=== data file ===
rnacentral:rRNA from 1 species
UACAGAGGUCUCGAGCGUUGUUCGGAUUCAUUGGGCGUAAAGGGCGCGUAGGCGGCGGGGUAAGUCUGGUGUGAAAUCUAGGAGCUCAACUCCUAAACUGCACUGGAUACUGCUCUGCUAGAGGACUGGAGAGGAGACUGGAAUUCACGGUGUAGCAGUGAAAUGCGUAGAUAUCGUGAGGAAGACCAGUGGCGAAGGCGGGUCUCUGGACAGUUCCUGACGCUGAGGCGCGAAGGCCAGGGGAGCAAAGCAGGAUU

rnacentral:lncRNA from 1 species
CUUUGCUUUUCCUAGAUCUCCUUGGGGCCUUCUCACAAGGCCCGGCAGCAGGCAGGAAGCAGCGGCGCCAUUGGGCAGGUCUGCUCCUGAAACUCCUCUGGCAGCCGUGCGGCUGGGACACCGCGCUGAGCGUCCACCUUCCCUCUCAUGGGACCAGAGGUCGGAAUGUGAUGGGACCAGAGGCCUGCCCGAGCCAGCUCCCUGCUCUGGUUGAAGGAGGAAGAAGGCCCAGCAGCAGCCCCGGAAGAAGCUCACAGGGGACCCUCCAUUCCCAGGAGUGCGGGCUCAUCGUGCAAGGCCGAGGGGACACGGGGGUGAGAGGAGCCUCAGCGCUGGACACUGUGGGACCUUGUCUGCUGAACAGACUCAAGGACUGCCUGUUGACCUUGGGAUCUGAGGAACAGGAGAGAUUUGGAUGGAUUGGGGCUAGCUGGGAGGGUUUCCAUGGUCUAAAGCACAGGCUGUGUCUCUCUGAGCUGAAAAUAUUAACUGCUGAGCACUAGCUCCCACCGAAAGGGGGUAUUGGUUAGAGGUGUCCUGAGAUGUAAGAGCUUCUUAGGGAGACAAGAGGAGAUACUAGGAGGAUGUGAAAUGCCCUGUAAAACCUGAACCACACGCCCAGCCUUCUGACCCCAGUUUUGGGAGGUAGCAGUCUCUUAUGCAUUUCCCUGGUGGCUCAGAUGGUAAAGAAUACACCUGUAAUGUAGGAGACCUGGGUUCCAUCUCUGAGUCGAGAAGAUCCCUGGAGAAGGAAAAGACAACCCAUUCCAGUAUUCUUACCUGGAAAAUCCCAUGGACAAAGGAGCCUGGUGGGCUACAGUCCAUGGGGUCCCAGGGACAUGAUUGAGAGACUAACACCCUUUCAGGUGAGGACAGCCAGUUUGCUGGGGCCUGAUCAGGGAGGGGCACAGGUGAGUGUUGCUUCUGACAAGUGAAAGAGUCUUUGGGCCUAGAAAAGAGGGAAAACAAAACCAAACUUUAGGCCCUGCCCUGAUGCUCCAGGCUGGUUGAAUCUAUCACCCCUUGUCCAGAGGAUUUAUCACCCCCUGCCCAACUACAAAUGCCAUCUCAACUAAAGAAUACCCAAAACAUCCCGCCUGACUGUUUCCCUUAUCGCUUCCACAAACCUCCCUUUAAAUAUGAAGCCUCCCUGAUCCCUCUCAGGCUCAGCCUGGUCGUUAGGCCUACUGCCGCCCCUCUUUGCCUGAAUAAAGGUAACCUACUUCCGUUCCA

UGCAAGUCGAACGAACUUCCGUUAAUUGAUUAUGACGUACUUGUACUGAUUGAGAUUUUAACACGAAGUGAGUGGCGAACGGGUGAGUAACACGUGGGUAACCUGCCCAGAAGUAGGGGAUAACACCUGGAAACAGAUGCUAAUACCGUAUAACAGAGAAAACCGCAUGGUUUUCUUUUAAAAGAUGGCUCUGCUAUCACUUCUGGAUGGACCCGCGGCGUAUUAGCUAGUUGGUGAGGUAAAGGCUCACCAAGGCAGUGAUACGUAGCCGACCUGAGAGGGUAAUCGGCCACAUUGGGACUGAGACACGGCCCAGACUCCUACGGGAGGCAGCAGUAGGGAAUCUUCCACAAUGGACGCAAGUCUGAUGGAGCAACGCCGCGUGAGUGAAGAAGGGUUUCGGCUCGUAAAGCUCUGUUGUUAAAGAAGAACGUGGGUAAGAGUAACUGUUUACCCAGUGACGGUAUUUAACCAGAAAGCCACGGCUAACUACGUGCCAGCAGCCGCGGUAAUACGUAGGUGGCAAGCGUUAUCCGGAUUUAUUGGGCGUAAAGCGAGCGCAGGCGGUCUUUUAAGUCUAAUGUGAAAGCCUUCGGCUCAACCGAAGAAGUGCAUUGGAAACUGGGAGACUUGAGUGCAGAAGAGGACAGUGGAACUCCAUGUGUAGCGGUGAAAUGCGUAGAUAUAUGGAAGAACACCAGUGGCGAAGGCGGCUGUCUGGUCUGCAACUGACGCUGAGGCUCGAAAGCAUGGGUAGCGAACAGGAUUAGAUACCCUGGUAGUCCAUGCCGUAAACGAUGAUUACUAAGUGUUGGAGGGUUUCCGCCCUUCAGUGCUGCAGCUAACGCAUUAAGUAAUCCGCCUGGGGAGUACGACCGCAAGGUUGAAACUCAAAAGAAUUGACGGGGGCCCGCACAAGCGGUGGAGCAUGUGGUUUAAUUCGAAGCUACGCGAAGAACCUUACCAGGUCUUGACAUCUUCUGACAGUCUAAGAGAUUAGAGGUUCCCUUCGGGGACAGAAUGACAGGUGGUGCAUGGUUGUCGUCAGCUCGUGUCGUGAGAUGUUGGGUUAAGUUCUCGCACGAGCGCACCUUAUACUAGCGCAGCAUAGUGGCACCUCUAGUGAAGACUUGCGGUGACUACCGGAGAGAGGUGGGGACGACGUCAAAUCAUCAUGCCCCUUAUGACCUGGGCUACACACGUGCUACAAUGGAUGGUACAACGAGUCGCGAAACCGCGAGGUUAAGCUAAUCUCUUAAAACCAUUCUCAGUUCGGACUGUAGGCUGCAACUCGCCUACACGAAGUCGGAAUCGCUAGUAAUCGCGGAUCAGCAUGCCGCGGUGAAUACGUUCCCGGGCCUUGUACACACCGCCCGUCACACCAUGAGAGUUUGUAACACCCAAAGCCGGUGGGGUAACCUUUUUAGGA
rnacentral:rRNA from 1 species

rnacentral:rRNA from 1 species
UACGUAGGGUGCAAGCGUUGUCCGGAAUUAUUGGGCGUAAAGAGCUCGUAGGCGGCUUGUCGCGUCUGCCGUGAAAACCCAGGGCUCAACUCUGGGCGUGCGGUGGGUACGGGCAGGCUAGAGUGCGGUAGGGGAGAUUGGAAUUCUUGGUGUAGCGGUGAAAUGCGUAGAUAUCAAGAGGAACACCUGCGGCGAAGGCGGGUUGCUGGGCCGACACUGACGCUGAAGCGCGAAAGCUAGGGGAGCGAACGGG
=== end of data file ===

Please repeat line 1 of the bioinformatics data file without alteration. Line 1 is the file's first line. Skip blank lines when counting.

rnacentral:rRNA from 1 species